Every Monday morning throughout the winter and until the end of March this market has two sessions – the first from 9.30 to 10.30 a.m. when producers sell duck carcases and a huge hall is filled with tables where people display anything from 20 to a hundred or so of their ducks for sale at very reasonable prices (around 2 euros per kilo this week). This session of the market then closes and another opens to sell foie gras. Again small local producers bring small numbers of foies gras for around 30 euros per kilo (this week). During spring and summer, from next week onwards the two markets are combined and the market is usually smaller although, apparently, the Easter Monday market is very popular and busy.

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You choose your duck (above left) and then it is taken to be weighed at central scales before you pay for it. The foie gras is weighed by each stall holder. For 1 euro per bird you can take it to a cutting room where two men were working non-stop to joint the ducks. Some people had trolleys filled with twenty or so birds, for restaurants perhaps, others like us had just one.

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These ducks are specially reared to have plenty of fat for preserving them and are not meant for roasting. Our duck was cut into: 2 legs and 2 wings for making confit de canard, 2 magrets or breasts which can be grilled, the neck to be used to make cou farci – the skin stuffed with pork meat to make a kind of sausage, the giblets for preserving in fat, and the carcass which was delicious grilled so that we could eat the tender slivers of meat that were left on it. I’ll write another post in the next day or so about how we have made confit, cou farci and preserved the foie gras.

In another market hall next door there was a live poultry and vegetable market, with farmers selling baskets of fresh eggs by the door.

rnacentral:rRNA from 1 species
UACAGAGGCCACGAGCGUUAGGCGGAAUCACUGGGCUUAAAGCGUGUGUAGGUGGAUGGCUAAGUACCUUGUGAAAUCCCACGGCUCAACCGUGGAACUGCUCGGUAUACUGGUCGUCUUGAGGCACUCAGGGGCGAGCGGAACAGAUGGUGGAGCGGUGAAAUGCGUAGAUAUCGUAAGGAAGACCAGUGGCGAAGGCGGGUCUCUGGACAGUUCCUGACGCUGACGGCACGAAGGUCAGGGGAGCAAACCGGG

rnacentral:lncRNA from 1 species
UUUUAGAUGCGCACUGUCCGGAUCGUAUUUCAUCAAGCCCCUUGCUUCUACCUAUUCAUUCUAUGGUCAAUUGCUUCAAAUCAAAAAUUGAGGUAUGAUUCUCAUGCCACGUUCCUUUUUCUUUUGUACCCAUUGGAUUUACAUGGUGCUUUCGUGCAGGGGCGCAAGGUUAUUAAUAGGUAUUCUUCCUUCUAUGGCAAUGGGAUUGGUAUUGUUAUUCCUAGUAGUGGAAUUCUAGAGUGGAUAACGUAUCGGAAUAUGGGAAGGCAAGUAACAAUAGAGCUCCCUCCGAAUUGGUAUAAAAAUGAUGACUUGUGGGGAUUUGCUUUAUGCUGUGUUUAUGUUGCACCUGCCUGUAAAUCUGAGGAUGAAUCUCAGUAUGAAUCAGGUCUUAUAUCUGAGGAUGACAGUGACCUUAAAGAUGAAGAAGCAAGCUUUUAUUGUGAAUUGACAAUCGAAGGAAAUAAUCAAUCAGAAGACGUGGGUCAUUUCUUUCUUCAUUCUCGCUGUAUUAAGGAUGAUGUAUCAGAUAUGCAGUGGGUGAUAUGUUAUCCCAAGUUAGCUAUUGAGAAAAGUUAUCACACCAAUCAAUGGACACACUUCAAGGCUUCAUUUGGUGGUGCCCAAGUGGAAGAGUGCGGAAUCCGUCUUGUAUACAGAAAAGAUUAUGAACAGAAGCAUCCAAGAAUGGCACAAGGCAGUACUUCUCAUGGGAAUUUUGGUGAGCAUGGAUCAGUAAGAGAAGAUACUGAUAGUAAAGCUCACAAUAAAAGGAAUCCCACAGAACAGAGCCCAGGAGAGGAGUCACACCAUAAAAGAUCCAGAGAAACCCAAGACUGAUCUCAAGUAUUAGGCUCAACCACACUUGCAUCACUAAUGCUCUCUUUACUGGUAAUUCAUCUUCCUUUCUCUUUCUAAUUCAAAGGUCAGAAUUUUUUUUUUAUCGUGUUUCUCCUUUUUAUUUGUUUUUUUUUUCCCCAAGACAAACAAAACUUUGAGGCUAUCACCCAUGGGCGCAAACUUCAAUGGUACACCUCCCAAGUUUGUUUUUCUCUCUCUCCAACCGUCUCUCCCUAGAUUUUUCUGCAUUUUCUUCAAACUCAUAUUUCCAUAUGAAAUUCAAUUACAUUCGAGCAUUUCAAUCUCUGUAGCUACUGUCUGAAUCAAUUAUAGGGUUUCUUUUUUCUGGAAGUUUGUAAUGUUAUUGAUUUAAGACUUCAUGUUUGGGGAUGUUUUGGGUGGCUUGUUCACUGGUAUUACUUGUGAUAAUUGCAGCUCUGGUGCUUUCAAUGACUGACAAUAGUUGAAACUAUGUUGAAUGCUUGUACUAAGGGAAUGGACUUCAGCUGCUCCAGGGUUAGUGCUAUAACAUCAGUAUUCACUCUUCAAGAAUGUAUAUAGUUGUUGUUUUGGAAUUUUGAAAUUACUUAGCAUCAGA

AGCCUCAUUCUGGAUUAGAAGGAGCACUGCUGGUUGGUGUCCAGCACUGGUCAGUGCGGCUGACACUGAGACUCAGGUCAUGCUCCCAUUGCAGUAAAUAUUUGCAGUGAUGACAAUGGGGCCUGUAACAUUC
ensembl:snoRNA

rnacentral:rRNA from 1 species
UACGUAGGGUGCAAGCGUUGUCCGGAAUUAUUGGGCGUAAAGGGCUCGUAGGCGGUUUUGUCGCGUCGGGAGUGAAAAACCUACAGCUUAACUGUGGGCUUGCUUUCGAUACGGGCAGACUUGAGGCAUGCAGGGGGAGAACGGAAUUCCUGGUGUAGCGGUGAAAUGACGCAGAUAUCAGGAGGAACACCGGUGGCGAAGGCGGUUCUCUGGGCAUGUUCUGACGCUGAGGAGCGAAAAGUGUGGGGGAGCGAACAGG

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The chickens in cages looked a bit cramped, but were heading for a life in the open air as free range layers – nothing like the life of a battery hen!

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Above left, the part of the market hall which is unused at this time of year, but would be used in winter when the market would be bigger, showing the size of this south-western phenomenon. On the right, one of the streets of the town where the usual market was taking place.

And the garden….

We came home with some oignons de Trébons, similar to our local Lézignan onions but with smaller bulbs. There’s some more about them in French here. Natives of the south-west, they may not do so well in our dry climate, but it’s worth a try.

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Above left, some of the new onions next to the second sowing of broad beans; right, the artichoke plants are doing well and we’re hoping for artichokes next month.

The tulips are out.
One of the cherry trees given to us by our neighbour a couple of years ago is flowering for the first time.
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and bay.

>Weekend food


We haven’t done much gardening this weekend, even though the weather has been sunny and mild, but we have eaten some very good food. As always on Saturday morning, the coquillage (shellfish) van came to the village from Bouzigues and I bought a kilo of mussels for our lunch.

Saturday lunch

We started with celery soup that Lo Jardinièr had made with celery from the garden, garnished with cream and parsley.


Then we cooked the mussels, breadcrumbed them and fried them in olive oil:


Mussels are so beautiful that I always want to take too many photos of them:

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Duck… twice

Last night we ate with the rest of the Cercle Occitan members in the village bar and the main course was duck legs in mushroom sauce. It was very good but Lo Jardinièr and I laughed when we saw them because we had bought duck legs for our Sunday lunch. I cooked them in a very different way, though, and the recipe for duck legs with apricots is on the Mediterranean cuisine blog.


We usually eat whatever vegetables are available in the garden, according to the season, and a lot of the tomatoes that we bottle during the summer, but sometimes in winter I long for my real favourites, the summer Mediterranean vegetables – aubergines, peppers, courgettes. So I bought an aubergine and some courgettes to make our first course for lunch today – cooked in olive oil with onions, garlic and rosemary and served garnished with chopped green olives and croutons.